[][src]Crate rgraph

The rGaph crate:

This library provides the mechanisms to define a directed acyclic graph of tasks. Once the graph is generated, a solver object can be instantiated to execute any of the tasks defined.

High Level description

Tasks are defined in the terms of:

  • Its input value
  • Its output values
  • A procedure body that can carry out a task

The values used as inputs and outputs by the system are named assets. Assets can be:

  • Input Assets: for values fed into a task.
  • Output Assets: for values produced by a task.
  • Freestanding Assets: constant values fed into the system which are not computed by any task.

With items we can construct a graph of task and execute it in the following manner:

  1. Create a set of tasks, each one with its own input and outputs.
  2. Define the order of stages of the computation graph by attaching outputs into the next task inputs, this is called binding. It is not required that all assets are bound, but it is required that all assets are bound for each task transitivelly involved in a path throw the graph. This, for example, can be used to add debug tasks that can be dynamically activated and lazily evaluated.
  3. Initialize a cache to store the assets during graph computation, this can be used afterwards to retrieve the values.
  4. Solve the graph: there are currently two methods to solve a graph:
    • execute: where the parameter is the name of the task we want to execute. Prerequisites will be identified and executed, if not possible because the topology is ill formed, an error will be returned.
    • execute_terminals: terminal tasks are those with no outputs. Any number of terminal tasks can be defined, all of them will be executed if prerequistes can be satisfied, otherwise an error will be returned.

Use by example

In order to satisfy the input of such task, all the producer tasks will be executed as well.

A task can be defined like you would define a function, it requires:

  • A name
  • A list of inputs, that well may be empty.
  • A list of outputs, which can be empty as well.
  • Body, executing the code necessary to produce the outputs out of the inputs.

The macro create_node! will help you out with this task:

use rgraph::*;

         task_name  (a: u32, b : u32) -> (output: u32) {
             // return is done by assigning to the output variable
             output = a + b;

The body of the task will be executed by a move lambda, this enforces some guarantees. Nevertheless if the tasks need to execute some side effects, you may keep in mind that:

  • Objects need to be cloned into the task scope.
  • Only runtime borrowing can be checked at this point.
  • The Solver has no knowledge of data changes done via global access. It only tracks assets registered as inputs or outputs of the task. For this reason tasks may not be executed a second time as long as the inputs do not change. This may turn into side effects not happening because the requirements were not declared correctly.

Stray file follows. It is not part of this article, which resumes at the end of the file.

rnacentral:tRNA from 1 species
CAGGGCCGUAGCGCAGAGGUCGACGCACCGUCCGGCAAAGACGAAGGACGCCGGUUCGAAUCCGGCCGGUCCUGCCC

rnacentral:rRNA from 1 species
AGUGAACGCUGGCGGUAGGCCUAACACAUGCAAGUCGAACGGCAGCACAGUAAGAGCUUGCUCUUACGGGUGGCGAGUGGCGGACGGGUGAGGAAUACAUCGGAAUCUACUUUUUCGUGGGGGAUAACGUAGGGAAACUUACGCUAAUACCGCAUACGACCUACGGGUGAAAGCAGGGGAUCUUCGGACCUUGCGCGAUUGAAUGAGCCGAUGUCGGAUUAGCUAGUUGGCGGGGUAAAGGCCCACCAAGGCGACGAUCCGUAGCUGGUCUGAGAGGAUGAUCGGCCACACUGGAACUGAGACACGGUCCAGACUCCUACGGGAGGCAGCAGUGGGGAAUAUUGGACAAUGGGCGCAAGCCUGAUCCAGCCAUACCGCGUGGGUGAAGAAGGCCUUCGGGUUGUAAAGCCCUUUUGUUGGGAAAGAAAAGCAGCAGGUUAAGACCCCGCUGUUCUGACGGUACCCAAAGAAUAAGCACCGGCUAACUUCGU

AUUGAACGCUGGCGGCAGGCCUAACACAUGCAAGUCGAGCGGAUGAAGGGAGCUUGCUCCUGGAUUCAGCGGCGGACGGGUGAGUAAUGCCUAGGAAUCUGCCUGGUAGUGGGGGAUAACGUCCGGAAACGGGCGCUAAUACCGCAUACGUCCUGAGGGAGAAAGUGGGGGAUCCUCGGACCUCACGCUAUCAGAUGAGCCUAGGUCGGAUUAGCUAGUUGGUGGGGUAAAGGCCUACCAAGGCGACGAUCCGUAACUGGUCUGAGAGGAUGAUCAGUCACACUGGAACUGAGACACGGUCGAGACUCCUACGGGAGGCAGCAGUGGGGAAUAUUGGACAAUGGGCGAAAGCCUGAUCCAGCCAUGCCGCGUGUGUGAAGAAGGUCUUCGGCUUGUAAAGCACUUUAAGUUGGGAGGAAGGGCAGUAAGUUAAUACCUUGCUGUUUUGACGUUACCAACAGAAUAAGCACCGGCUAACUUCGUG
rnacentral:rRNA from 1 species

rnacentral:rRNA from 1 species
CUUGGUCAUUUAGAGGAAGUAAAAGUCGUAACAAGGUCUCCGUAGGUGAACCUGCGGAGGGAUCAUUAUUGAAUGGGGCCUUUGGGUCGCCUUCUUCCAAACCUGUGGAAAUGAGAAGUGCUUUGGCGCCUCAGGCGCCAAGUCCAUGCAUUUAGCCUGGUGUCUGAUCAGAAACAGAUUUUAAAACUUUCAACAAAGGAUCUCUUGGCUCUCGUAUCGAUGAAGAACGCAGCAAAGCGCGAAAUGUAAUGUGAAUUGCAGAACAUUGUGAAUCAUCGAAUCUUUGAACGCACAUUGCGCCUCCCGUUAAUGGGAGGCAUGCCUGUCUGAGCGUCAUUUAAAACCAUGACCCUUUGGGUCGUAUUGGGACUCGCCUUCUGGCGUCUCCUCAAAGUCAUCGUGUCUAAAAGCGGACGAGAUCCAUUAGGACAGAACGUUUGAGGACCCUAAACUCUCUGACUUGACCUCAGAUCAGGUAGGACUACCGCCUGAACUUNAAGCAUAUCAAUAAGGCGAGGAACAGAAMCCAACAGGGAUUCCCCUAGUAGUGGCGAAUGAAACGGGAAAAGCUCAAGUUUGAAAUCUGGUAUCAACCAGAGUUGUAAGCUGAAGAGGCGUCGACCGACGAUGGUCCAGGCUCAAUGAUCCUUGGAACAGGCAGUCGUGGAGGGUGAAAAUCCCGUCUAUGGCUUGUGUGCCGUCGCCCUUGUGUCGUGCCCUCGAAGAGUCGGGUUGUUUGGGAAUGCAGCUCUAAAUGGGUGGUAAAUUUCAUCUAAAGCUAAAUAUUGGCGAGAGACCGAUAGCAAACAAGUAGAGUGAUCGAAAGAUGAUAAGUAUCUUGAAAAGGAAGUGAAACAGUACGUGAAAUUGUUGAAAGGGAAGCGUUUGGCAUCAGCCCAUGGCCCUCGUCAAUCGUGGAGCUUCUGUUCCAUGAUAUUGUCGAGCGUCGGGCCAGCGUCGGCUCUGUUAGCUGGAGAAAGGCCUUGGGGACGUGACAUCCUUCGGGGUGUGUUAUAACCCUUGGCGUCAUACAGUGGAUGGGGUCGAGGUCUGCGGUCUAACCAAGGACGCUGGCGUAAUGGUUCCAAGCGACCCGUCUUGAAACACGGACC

Once the tasks are defined, you can bind the input assets to the output produced by other task or feed directly into the Solver.

use rgraph::*;
let mut g = Graph::new();
         task1  () -> (out_asset: u32) {
             // .... task body
             out_asset = 1;
         task2  (in_asset : u32) -> () {
             // .... task body
g.bind_asset("task1::out_asset", "task2::in_asset").expect(" tasks and assets must exist");

Finally, to execute the Graph:

  • Create an assets cache object (which can be reused to execute the graph again)
  • Create a solver, to be used one single time and then dropped.
use rgraph::*;
let mut g = Graph::new();
 // ... create graph and bind the assets

let mut cache = ValuesCache::new();
let mut solver = GraphSolver::new(&g, &mut cache);
// terminal tasks are those which do not produce output
// the following line will traverse the graph and execute all tasks needed
// to satisfy the terminal tasks.





Macro to generate a Node (Task). It requires: a name (as used in the solver to execute it), a set of inputs, a set of outputs, and a set of statements which are the body of the task



The graph class itself. It holds the static information about the tasks (Nodes) and how they depend on each other by waiting on resources (Assets)


The graph solver is a transient object which can execute the tasks described in a graph. It is designed to be generated and dropped on every execution.


Generic that stores the information required to execute arbitrary tasks Please use create_node macro to instantiate this objects



Replacement for Option since input assets may be satisfied by a freestanding asset as well.


Errors that may happen during Graph construction


Errors that may happen during a Solver instance execution


Type to differentiate cached tasks from executed ones



A convenience trait to allow the storage of asset values in between tasks or graph executions.


this trait allows us to overload behavior for custom types in this manner comparison can be optimized or bypassed for custom types


helper trait that hides heterogeneous tasks behind a common interface

Type Definitions


type used to store results of executions and pass it to further solver instances